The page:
Minister of Culture, Stephen Lashley, in conversation
with Chairman of the Commission for Pan African
Affairs, Dr. Erskine Simmons, and Chairman of the
National Cultural Foundation, Monique Taitt.
(C. Pitt/BGIS)

As Barbadians prepare to celebrate the Season of Emancipation over the next four months, Minister of Culture, Stephen Lashley, has called on all persons to reflect on what it means for us as a nation and as individuals.

While addressing the media launch of the 2011 Season of Emancipation at the Savannah Hotel today, Mr. Lashley said it was time to think about the standing which Barbados had achieved on the global stage and on the high quality and peacefulness of life which is the envy of so many across the globe.

"We must reflect on the sacrifices that were made by our ancestors – those enslaved Africans who lived a life of indescribable hardship and who determinedly maintained a resistance to a system that denied them their rights as human beings.

"We must take this time to reflect on the contribution that was made by our National Heroes and on the contributions which are still being made by the millions of people of African descent all over the world," he stated.

The Minister proffered the view that at this stage of Barbados’ history, the youth should be given an understanding of the significance of the events which comprise the Season. Mr. Lashley continued: "Our young people deserve to be told the story of the Season of Emancipation, of the struggles of their proud, resilient and resourceful enslaved ancestors and of those who came after them in the fight for justice and equality."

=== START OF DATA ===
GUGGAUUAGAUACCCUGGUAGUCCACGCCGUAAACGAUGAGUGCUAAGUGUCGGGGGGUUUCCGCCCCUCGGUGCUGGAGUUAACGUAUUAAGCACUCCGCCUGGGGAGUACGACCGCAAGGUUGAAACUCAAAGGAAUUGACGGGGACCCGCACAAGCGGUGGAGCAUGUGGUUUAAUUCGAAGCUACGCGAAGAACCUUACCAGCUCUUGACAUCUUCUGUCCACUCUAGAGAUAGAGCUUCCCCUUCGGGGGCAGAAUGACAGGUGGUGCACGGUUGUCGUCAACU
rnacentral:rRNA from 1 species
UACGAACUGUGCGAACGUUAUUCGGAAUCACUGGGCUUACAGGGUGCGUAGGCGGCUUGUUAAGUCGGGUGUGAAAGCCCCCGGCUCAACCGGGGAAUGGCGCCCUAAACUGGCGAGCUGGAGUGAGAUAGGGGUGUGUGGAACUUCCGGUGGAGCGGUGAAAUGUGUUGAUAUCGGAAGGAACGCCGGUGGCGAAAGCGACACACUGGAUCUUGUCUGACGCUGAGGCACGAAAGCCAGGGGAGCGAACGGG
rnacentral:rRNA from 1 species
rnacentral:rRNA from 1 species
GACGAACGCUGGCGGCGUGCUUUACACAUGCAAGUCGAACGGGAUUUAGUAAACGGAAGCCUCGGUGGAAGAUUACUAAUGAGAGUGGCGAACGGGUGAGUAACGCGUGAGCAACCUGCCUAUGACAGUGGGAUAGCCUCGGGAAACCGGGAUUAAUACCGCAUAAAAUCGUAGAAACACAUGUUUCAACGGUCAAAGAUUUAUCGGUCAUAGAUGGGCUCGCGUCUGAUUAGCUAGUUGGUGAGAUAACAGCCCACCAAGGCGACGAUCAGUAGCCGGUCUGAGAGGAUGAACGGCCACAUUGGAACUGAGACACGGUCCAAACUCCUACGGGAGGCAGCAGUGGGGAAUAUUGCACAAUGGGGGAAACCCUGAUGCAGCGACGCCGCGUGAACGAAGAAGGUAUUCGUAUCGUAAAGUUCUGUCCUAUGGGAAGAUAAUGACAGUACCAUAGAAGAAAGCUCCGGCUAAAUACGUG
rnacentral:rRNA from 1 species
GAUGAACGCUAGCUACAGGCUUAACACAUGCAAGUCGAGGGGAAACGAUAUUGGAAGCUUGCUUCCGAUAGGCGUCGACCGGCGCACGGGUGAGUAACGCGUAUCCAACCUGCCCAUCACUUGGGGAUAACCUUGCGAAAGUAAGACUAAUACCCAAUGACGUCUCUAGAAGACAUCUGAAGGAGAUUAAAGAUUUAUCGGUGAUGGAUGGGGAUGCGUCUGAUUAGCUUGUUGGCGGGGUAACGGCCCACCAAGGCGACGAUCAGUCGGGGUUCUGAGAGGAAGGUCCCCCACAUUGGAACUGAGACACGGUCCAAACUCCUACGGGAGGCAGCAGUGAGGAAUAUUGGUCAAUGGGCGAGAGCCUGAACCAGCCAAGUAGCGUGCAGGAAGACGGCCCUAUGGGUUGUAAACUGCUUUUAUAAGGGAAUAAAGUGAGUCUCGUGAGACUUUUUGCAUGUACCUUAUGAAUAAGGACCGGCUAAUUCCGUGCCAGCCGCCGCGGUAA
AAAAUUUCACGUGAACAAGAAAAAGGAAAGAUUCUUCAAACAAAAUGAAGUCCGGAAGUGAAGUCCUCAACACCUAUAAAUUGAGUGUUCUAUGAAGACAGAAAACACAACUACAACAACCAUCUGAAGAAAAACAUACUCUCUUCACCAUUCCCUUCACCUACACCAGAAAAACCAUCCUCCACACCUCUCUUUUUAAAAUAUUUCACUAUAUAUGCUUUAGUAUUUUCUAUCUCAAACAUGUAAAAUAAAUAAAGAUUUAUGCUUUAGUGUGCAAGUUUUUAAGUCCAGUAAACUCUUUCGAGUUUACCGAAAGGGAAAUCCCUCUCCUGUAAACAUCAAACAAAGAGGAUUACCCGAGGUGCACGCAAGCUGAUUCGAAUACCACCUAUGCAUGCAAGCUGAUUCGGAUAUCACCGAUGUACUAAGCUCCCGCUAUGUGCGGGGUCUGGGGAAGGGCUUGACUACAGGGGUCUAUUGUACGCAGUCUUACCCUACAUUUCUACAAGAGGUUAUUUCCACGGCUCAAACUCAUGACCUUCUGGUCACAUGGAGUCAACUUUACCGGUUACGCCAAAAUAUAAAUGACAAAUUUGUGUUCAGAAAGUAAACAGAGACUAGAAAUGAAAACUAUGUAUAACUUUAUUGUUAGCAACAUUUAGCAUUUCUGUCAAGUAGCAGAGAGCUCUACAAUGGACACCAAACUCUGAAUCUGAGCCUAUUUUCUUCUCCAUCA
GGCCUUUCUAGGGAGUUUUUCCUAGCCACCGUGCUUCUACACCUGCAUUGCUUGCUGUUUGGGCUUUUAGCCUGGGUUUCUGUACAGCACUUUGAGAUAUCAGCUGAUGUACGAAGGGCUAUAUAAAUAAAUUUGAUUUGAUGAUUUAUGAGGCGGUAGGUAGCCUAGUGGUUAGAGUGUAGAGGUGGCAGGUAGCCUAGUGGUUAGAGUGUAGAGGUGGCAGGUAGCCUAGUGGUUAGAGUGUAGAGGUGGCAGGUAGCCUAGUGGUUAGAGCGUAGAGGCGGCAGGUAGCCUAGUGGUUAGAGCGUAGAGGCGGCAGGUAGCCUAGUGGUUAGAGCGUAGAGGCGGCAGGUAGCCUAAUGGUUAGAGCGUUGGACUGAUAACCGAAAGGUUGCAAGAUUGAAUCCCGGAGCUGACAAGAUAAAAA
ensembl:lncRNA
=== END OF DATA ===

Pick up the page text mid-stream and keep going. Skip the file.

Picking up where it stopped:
He surmised that the Season was all the more significant since the United Nations proclaimed this year as the International Year for People of African Descent and the Organization of American States had designated 2011 as the Inter-American Year of Culture.

This year, the contribution of the Right Excellent Samuel Jackman Prescod will be recognised for his tireless struggle for the improvement of the lives of the Free Coloured people of Barbados and the liberation of our enslaved ancestors.

The dates and events of historical significance that make up the Season of Emancipation are:

  1. The Bussa Rebellion of April 14 which involved the Right Excellent Bussa, along??with his associates Washington Franklin and Nanny Grigg, who put in train the drive towards the emancipation of African slaves;
  2. National Heroes Day on April 28;
  3. The Day of National Significance on July 26 which commemorates the riots of 1937 which led to the improvement of working conditions for the poor in Barbados;
  4. Emancipation Day on August 1, ??and
  5. The International Day for the Remembrance of the Slave Trade and its Abolition on August 23.

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